Wednesday, February 18, 2015

Over 100 Nostalgic Toy Ideas You Can Craft for Christmas!


      Santa's job will be easier when you turn toymaker and lend a helping hand to relieve the burden on his North Pole workshop. Among this collection of exciting toys, there’s at least one that will surely make Christmas extra merry for some youngster.  Construction of these, as well as the others, is apparent from the drawings, which include patterns for the parts that require jigsawing. Enlarging the patterns full size is easy. First, count the number of squares given and rule on paper an equal number of 1-in. squares unless otherwise stated on the graph itself.
      Next, number the rows of squares 1, 2, 3, etc., across the top and down one side of both the magazine pattern and the ruled paper. Now, begin enlarging the pattern by drawing that portion of the outline which is in square No. 1 in the magazine in the corresponding square on your ruled paper. Then advance to the next square, and so on, until the complete pattern is enlarged. With practice, you’ll find it easy to enlarge any pattern by the square method.
      With the exception of the table-and-chair set, which should be made of plywood, common 3/4-in. white pine is ideal material for most of the wooden toys.

A Child's Table and Chair Set
      A child's table and chair set. Photo of finished project plus graph depicting the measurements of each part for the assembly of chairs and a table. Exceptionally sturdy but not especially fancy, this plywood table-and-chair set will appeal to the dad or big brother who works with little more than a handsaw, drill, screwdriver and paintbrush.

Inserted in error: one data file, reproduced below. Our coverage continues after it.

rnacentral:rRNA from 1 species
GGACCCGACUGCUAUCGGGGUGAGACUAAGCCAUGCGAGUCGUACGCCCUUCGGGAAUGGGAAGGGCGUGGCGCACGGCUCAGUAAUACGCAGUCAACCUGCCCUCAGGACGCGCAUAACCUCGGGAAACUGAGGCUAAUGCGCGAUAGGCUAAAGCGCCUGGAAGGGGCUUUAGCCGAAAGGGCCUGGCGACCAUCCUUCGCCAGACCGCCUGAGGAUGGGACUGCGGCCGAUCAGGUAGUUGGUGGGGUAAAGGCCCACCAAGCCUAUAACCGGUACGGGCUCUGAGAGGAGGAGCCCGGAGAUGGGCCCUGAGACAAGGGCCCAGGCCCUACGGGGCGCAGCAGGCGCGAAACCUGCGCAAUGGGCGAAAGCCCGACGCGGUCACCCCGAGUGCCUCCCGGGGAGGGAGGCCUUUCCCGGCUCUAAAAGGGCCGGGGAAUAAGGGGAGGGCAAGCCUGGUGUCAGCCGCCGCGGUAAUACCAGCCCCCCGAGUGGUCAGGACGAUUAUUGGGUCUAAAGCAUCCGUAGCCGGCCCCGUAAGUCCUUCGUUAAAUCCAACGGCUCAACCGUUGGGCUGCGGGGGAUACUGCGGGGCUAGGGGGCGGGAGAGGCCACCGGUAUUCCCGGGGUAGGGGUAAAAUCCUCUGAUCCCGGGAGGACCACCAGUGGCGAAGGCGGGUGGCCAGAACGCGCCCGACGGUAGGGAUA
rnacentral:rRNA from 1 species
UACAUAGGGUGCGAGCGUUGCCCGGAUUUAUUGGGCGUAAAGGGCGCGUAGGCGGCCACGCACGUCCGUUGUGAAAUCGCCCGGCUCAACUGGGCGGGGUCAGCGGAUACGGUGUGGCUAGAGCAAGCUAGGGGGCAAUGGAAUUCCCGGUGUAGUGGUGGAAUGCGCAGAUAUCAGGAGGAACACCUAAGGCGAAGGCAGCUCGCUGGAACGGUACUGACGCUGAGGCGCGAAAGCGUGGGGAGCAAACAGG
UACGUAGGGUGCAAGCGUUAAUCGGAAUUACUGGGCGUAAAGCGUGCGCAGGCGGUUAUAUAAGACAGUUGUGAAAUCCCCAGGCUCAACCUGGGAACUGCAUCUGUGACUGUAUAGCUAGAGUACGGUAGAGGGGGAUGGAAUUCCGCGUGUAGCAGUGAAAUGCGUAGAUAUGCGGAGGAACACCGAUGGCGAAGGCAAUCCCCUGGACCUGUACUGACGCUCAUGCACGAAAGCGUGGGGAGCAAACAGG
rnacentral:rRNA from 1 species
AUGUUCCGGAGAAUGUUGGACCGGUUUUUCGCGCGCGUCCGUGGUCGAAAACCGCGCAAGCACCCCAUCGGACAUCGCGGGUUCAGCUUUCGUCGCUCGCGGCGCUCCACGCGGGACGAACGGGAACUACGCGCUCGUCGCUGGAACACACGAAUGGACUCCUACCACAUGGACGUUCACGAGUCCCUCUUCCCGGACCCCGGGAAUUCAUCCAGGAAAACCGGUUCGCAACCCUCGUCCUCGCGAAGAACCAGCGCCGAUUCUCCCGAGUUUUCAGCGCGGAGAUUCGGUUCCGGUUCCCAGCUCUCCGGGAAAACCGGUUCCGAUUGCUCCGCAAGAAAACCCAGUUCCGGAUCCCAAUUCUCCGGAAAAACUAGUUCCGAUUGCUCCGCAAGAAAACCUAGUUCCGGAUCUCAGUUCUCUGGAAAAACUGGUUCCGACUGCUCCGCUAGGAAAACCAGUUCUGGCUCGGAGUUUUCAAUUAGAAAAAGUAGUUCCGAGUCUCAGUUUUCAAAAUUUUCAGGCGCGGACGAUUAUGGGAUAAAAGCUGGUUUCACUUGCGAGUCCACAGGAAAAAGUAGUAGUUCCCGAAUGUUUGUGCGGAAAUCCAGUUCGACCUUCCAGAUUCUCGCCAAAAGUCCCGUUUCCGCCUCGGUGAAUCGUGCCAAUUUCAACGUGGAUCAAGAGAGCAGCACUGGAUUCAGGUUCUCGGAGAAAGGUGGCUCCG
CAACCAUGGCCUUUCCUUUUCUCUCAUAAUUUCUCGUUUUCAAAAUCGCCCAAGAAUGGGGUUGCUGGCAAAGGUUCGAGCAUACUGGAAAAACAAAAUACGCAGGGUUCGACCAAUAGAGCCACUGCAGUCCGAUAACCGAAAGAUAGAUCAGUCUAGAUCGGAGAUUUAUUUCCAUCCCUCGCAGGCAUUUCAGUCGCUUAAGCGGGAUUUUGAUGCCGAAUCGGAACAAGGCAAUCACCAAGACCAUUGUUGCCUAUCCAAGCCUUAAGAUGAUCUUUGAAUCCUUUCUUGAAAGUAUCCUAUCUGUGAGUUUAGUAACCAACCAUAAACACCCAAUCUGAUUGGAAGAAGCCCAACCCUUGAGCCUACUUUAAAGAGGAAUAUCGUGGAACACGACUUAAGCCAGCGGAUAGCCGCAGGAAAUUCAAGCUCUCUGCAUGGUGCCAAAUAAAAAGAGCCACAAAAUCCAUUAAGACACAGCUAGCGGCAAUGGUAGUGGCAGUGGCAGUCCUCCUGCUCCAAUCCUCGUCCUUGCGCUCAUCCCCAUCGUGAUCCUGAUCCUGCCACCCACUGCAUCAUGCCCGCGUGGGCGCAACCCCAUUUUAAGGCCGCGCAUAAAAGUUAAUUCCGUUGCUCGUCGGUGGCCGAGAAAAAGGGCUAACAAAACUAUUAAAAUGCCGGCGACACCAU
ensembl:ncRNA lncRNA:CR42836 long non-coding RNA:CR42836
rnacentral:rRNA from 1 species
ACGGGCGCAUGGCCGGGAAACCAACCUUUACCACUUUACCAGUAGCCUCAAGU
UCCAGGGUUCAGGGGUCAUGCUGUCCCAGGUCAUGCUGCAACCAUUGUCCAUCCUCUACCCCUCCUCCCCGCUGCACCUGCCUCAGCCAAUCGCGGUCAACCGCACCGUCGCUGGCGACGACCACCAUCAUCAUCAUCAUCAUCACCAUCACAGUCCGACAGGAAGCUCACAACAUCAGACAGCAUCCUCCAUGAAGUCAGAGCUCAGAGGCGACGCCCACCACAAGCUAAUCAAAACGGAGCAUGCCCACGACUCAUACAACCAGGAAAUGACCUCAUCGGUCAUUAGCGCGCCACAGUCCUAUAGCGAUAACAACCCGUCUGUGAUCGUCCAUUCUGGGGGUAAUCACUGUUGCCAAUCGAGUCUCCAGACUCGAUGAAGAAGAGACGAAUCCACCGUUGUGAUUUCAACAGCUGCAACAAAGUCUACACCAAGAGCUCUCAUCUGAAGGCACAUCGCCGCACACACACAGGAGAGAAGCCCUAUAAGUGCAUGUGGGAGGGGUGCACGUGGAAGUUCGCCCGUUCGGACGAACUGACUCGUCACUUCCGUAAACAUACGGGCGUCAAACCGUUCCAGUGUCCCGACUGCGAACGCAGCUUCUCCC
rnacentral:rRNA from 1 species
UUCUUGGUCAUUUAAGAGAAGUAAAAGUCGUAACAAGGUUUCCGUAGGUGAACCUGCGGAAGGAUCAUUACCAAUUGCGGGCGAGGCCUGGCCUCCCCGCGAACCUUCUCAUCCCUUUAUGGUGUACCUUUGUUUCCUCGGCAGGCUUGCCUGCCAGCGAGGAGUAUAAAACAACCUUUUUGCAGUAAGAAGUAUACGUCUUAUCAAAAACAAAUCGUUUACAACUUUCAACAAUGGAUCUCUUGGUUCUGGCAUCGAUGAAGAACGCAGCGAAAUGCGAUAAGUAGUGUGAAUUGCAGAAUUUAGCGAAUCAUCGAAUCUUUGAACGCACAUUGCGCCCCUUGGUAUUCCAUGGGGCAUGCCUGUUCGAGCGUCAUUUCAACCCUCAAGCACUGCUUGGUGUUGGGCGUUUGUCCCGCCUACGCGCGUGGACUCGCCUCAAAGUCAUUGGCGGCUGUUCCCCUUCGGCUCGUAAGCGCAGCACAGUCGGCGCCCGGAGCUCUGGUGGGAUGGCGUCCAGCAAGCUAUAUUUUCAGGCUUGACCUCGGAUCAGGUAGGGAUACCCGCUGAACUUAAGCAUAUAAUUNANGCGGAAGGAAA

More Table and Chair Sets For Children:
Children's Toy Chest Plans:
Swinging Arm Dolls

      Here is how to make these adorable swinging-arm dolls. With old wooden packing boxes laid out in 1/2″ squares as material, mark the patterns according to the squared charts shown above. Before cutting out the figures, bore a hole through the shoulders and up one leg, as shown by dotted lines in diagrams at the right.
      The sailor’s hat is made of thin wood cut in circular shape and nailed to the head. Bore a hole through the under side of each arm about %” deep and a 1″ hole lengthwise to take the wire which passes through the shoulders.
      Straight grained shingles or thin wood will do for paddles. Fasten them by driving a small brad or wire pin through the joint. Set the paddles at an angle (about 45 degrees) allowing easy turning by the wind.
      When assembly is made, be sure to leave a small space between the arms and the body to permit swelling of the wood.
A Lighthouse Stool

       The "beacon of the lighthouse stool, which is enclosed in an inverted glass jar, consists of a 1.5 volt flashlight bulb. This is inserted in a socket and wired to a push-button switch and dry cell. Removal of the screws at the base of the lighthouse permits renewal of the dry cell. Three 1/4 inch carriage bolts attach the padded top of the stool, lengths of tubing being slipped over the bolts to support the top slightly above the glass jar. The pattern for the sheet-metal base of the lighthouse is given at the right. The metal is lapped at the seam and fastened together with sheet-metal screws.
        Any boy can build one of these mirror-scopes at a small expense, and for his efforts see, when looking through the peephole, three miniature objects increase to a multitude.